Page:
This is a design document detailing how the adverse effect of the config lock can be removed in an incremental way.
As a result of the Ganeti daemons refactoring, the configuration is held in a proccess different from the processes carrying out the Ganeti jobs. Therefore, job processes have to contact WConfD in order to change the configuration. Of course, these modifications of the configuration need to be synchronised.
The current form of synchronisation is via ConfigLock. Exclusive possession of this lock guarantees that no one else modifies the configuration. In other words, the current procedure for a job to update the configuration is to
The current procedure has some drawbacks. These also affect the overall throughput of jobs in a Ganeti cluster.
Additional overhead is caused by the fact that reads are synchronised over a shared config lock. This used to make sense when the configuration was modifiable in the same process to ensure consistent read. With the new structure, all access to the configuration via WConfD are consistent anyway, and local modifications by other jobs do not happen.
Ideally, jobs would just send patches for the configuration to WConfD that are applied by means of atomically updating the respective IORef. This, however, would require chaning all of Ganeti’s logical units in one big change. Therefore, we propose to keep the ConfigLock and, step by step, reduce its impact till it eventually will be just used internally in the WConfD process.
In a first step, all configuration operations that are synchronised over a shared config lock, and therefore necessarily read-only, will instead use WConfD’s readConfig used to obtain a snapshot of the configuration. This will be done without modifying the locks. It is sound, as reads to a Haskell IORef always yield a consistent value. From that snapshot the required view is computed locally. This saves two lock-configurtion write cycles per read and, additionally, does not block any concurrent modifications.
In a second step, more specialised read functions will be added to WConfD. This will reduce the traffic for reads.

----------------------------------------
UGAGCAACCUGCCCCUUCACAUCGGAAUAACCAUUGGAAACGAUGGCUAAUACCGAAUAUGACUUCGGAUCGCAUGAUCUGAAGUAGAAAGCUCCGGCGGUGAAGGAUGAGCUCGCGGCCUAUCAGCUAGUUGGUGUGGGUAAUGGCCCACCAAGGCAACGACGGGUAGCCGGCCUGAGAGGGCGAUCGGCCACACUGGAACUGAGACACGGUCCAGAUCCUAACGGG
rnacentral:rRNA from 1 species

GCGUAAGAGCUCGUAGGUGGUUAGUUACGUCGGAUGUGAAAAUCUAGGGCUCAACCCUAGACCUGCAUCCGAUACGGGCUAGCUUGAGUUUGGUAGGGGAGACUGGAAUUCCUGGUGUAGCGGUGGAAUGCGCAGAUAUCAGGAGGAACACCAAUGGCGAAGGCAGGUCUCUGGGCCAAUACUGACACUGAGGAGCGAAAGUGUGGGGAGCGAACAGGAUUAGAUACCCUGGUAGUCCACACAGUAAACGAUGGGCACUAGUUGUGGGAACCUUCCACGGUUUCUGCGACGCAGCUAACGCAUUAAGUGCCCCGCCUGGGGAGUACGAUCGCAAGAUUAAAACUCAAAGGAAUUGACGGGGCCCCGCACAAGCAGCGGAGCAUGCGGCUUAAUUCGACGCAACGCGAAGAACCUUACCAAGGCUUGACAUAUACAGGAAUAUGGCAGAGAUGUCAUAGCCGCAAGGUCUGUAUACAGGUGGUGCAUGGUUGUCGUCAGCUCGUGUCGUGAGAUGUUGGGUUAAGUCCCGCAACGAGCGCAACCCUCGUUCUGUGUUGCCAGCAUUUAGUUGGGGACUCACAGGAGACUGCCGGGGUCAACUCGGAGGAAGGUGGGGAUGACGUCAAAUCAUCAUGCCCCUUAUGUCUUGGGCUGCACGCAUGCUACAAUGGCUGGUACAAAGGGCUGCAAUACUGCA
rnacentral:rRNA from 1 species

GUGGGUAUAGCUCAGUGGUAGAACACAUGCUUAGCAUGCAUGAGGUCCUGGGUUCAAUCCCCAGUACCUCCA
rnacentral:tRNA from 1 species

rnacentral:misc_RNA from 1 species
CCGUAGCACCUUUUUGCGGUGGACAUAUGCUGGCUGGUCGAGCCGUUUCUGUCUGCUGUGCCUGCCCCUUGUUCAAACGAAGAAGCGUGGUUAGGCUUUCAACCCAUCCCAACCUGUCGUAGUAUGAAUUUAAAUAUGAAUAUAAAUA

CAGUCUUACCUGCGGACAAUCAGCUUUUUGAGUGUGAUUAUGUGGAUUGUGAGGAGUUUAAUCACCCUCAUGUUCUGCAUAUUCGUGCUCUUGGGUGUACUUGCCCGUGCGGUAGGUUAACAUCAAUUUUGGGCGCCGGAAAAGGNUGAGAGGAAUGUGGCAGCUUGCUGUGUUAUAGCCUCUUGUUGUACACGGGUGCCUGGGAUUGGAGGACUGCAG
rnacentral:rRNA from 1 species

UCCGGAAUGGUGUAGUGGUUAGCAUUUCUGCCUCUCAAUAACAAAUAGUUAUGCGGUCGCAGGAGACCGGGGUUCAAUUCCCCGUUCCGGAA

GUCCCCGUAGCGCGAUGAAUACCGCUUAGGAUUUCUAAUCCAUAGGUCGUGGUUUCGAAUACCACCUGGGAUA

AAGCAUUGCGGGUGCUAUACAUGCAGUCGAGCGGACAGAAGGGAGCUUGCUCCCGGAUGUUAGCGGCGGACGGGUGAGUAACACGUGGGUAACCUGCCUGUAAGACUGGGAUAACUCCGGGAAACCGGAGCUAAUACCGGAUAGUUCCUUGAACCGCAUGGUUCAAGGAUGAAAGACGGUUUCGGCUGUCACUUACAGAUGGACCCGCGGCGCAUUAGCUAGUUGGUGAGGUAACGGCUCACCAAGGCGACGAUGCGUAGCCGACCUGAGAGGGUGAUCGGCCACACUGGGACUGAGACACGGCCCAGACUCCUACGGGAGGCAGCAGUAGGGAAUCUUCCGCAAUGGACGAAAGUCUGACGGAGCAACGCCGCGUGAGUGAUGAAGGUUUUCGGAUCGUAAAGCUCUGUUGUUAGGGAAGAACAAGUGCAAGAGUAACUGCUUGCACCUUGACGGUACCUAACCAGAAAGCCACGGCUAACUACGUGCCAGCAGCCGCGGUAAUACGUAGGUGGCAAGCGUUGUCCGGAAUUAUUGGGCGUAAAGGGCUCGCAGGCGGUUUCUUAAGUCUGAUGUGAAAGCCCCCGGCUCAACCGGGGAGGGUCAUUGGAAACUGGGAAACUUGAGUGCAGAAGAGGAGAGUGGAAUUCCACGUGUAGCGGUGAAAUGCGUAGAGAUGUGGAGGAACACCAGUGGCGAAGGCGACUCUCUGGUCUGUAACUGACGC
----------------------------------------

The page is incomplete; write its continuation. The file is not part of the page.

As jobs synchronize with each other by means of regular locks, the parts of the configuration relevant for a job can only change while a job waits for new locks. So, if a job has a copy of the configuration and not asked for locks afterwards, all read-only access can be done from that copy. While this will not affect the ConfigLock, it saves traffic.
As a typical pattern is to change the configuration and afterwards release the ConfigLock. To avoid unnecessary RPC call overhead, WConfD will offer a combined call. To make that call retryable, it will do nothing if the the ConfigLock is not held by the caller; in the return value, it will indicate if the config lock was held when the call was made.
For a lot of operations, the regular locks already ensure that only one job can modify a certain part of the configuration. For example, only jobs with an exclusive lock on an instance will modify that instance. Therefore, it can update that entity atomically, without relying on the configuration lock to achive consistency. WConfD will provide such operations. To avoid interference with non-atomic operations that still take the config lock and write the configuration as a whole, this operation will only be carried out at times the config lock is not taken. To ensure this, the thread handling the request will take the config lock itself (hence no one else has it, if that succeeds) before the change and release afterwards; both operations will be done without triggering a writeout of the lock status.
Note that the thread handling the request has to take the lock in its own name and not in that of the requesting job. A writeout of the lock status can still happen, triggered by other requests. Now, if WConfD gets restarted after the lock acquisition, if that happend in the name of the job, it would own a lock without knowing about it, and hence that lock would never get released.
As a typical pattern is to change the configuration and afterwards release the ConfigLock. To avoid unnecessary delay in this operation (the next modification of the configuration can already happen while the last change is written out), WConfD will offer a combined command that will
If jobs use this combined command instead of the sequential set followed by release, new configuration changes can come in during writeout of the current change; in particular, a writeout can contain more than one change.
This approach works fine, as long as always either WConfD can do an ordered shutdown or the calling process dies as well. If however, we allow random kill signals to be sent to individual daemons (e.g., by an out-of-memory killer), the following race occurs. A process can ask for a combined write-and-unlock operation; while the configuration is still written out, the write out of the updated lock status already finishes. Now, if WConfD forcefully gets killed in that very moment, a restarted WConfD will read the old configuration but the new lock status. This will make the calling process believe that its call, while it didn’t get an answer, succeeded nevertheless, thus resulting in a wrong configuration state.